The app requires WordPress 2.6+, and you must install a WordPress plugin before using the app. Once WP 2.7 is out, the developer will release a new version of Moderator to take advantage of 2.7’s comment API, which will make the plugin unneccesary.
Oct 26, 2008 by Matt | Posted in WordPress
The WP125 Ad Management Plugin has gained quite a sizeable following over the past few months, with nearly 4,000 downloads logged in WordPress/Extend as I write this. (Note that there were likely a lot of downloads before it was accepted into the repository.)
Overall, I think it’s been successful.
The point of the plugin has been to provide an easy way to manage 125×125 ads, rather than relying on hand-coding or more complex ad-serving applications like OpenX. The goal has been to make it the right choice for as many bloggers as possible who want to sell 125×125 ads.
So, how is it? What do you like about WP125? What do you want to see in it? Is there something about it that just bugs you? What killer feature is missing that you just have to have?
The next release of WP125 is in the works currently, and I’m working on it off and on, whenever I have some spare time. Now is a good time to suggest new additions or changes.
This is you chance to voice your opinions about the plugin. Any constructive criticism or suggestions are welcome.
Sep 22, 2008 by Matt | Posted in Software & Scripts
A lot of web apps these days involve images. Twitter, Gravatar, Facebook, you name it. For avatars, sharing photos, or whatever, user-submitted images are a big part of the modern web.
Now, suppose you’re building a web app, and you want to allow a user to upload an image of a certain size or aspect ratio (for whatever your purpose is). Now you can’t guarantee that the user will upload an image of the correct dimensions, and you probably don’t want them breaking your layout by submitting a 1200-pixel-wide image. What do you do?
Provide means for the image to be cropped in-browser. There’s a cool little jQuery plugin called Jcrop that allows users to crop images in browser. It seems customizable enough, letting you re-style the selection box, contstain it to a specific aspect ratio, etc. It works fairly similar to Gravatar’s cropping tool.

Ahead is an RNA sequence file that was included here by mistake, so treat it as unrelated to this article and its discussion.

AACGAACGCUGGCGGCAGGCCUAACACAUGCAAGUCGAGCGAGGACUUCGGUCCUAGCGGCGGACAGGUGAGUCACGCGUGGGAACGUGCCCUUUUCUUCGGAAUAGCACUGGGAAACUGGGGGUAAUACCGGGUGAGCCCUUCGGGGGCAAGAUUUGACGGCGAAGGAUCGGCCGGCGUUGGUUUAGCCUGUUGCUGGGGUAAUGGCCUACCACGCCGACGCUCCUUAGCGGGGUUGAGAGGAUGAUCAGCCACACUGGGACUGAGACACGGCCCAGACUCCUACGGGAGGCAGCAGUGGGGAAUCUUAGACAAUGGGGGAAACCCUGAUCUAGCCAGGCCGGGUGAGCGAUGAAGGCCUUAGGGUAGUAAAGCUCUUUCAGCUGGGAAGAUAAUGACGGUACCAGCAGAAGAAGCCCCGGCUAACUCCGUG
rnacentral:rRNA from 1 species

Sep 12, 2008 by Matt | Posted in Featured, WordPress
The WordPress 125×125 ad management plugin has just got better. I’ve just released version 1.1.0, which improves performance, adds several customization options, as well as a few major features.
New is version 1.1:
- Setting to change the widget title.
- Option to remove the default ad styling, enabling you to use your own CSS rules.
- Settings are no longer stored in a database table, but in WordPress’s built-in Options system. This reduces database queries, and improves performance.
- Admin menu functions are no longer included outside of the WordPress Admin (hehe ).
- A few other tweaks were made of efficiency and security nature.
- Major feature: If you supply an email address in the options page, you can opt to receive email notifications when ads expire, allowing you to easily send follow-up emails to advertisers, or simply just stay in the know.
- Major feature: Placeholder ads! If an ad slot is empty, instead of not being shown, a placeholder ad (a.k.a “Your ad here” image) will be shown, linking to your sales page.
Download the plugin here, or just use the WordPress 2.5+ automated plugin updater.
If you have any suggestions, or if you find a bug, please leave a comment or shoot me an email.
EDIT: Everyone using 1.1.0, please upgrade to 1.1.1, unless you don’t mind your ads being unclickable. A stupid mistake on my part caused the issue in 1.1.0. It’s been patched now.
EDIT: Arg!!! I made another mistake. Version 1.1.1 is identical to 1.1.0, and therefore didn’t get the fix. Please use 1.1.2.
ANOTHER EDIT: Another bug squished. 1.1.3 is out, everyone. Fixes an issue with the slot dropdown on the Add/Edit page.